"Thank you for coming to this extra-ordinary event" deadpans Brett Anderson before the final song Beautiful Ones, trying not to laugh. But the surroundings do make this gig, one of a series to launch their new album Night Thoughts, just that. Stripped back to a three-piece Suede delighted the 200 or so assembled fans with a mix of four tracks from the album and six classics from their back catalogue.
Recent single Outsiders opens up the set and despite being stripped of the dramatic production of the album, it still hits the mark. For an in-store the sound is surprisingly crisp and sweet and the intimacy accentuates every single nuance in Brett's voice. Like Kids, probably the moment on Night Thoughts that echoes back most to those big hits of the nineties, feels similarly bare in this strange environment, but its nakedness reveals that timeless classic songwriting core that sits under all Suede's best work. It's always difficult to assess a record that's only been out twenty-four hours and Night Thoughts took us a couple of listens to get, but these first two songs will fit snugly into Suede sets for many a year to come.
Brett then sits down, making it even more difficult for us to see him as the stage isn't more than a few inches high, and the album's closing epic, and possibly our favourite track, The Fur And The Feathers, really does have its layers peeled back to expose the genesis of the song. It has an almost cathartic end-of-the-world feel to it, even without its grand production on the record.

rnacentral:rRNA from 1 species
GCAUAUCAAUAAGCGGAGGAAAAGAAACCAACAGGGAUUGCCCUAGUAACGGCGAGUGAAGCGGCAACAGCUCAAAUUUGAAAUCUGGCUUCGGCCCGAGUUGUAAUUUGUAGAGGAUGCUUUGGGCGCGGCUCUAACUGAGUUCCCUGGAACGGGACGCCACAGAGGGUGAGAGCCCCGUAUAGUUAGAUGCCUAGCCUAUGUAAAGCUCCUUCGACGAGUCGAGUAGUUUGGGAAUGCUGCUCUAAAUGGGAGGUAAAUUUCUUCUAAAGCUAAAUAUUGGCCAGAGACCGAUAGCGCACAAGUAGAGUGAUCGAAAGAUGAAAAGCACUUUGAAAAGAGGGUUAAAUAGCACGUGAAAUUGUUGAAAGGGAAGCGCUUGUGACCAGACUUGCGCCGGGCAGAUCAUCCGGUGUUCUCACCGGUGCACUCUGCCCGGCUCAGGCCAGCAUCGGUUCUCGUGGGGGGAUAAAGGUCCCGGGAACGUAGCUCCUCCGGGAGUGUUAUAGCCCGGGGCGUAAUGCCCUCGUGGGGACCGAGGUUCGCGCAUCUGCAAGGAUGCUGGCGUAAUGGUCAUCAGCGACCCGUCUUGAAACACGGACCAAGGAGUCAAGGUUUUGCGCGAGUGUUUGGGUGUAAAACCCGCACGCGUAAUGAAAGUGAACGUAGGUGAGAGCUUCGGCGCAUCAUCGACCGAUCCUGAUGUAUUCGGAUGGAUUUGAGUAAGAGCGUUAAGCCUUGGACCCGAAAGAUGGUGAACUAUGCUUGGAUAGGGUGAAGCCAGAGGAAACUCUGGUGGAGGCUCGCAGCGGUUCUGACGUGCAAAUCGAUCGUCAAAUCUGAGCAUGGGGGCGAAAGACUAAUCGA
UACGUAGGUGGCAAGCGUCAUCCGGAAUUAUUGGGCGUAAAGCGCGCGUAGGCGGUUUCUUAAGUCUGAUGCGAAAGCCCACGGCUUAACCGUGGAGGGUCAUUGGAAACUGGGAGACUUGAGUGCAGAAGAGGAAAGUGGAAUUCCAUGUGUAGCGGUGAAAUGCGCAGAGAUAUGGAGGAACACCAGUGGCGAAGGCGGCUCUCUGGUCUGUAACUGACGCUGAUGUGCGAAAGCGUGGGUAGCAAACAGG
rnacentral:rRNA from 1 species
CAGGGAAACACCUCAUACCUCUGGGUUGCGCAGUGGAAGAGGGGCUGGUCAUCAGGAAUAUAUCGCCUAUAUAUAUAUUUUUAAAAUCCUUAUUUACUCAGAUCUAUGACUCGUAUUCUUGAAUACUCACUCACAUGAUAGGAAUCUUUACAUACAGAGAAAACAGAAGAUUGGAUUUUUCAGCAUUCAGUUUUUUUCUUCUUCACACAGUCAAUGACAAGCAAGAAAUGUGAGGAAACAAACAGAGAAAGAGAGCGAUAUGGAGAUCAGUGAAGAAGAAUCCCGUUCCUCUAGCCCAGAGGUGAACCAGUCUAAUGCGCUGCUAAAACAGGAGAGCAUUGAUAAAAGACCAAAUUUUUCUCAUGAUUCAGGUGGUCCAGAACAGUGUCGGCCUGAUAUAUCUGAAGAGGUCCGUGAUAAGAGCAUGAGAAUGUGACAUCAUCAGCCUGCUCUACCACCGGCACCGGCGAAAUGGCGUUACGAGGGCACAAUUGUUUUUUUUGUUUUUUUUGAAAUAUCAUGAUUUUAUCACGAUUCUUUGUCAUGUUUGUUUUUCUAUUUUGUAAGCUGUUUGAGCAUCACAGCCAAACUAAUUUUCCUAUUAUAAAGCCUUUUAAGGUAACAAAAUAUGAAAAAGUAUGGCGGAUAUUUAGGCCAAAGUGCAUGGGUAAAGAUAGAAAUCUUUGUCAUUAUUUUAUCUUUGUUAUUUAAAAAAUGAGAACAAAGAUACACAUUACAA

There's already been a few calls for some more familiar material and Suede do deliver on this, possibly conscious that this isn't necessarily the best environment to reveal this record live to Manchester, and that we're all holding the album in our hands. There's acoustic runs at some of their biggest hits - The Wild Ones, Trash, So Young, Animal Nitrate and Beautiful Ones - as well as the majestically cloying and desperate Dog Man Star track Still Life that get some of the crowd singing along. Perversely Brett turns his back on us for most of The Wild Ones, not sure why, but no one seems to mind particularly.
Sandwiched in between these are Tightrope and it stands up strong in comparison to what's around it in the set, always the hallmark of a band that still has the creative spark burning at its heart. It wears the hallmarks of classic Suede - heartfelt intense lyrics at its core - but still feels somehow contemporary at a time where the world mourns possibly the biggest influence on them.
As Beautiful Ones reaches its soaring conclusion and the crowd mouth along politely to the refrain, unsure as how to react surrounded by CD shelves with little space to move, we reflect on how reassuring it is that the bands that defined our generation are mostly still with us and those that are creating new music rather than resting on their laurels are doing it with the same vigour and passion as they did when we were all a lot younger.
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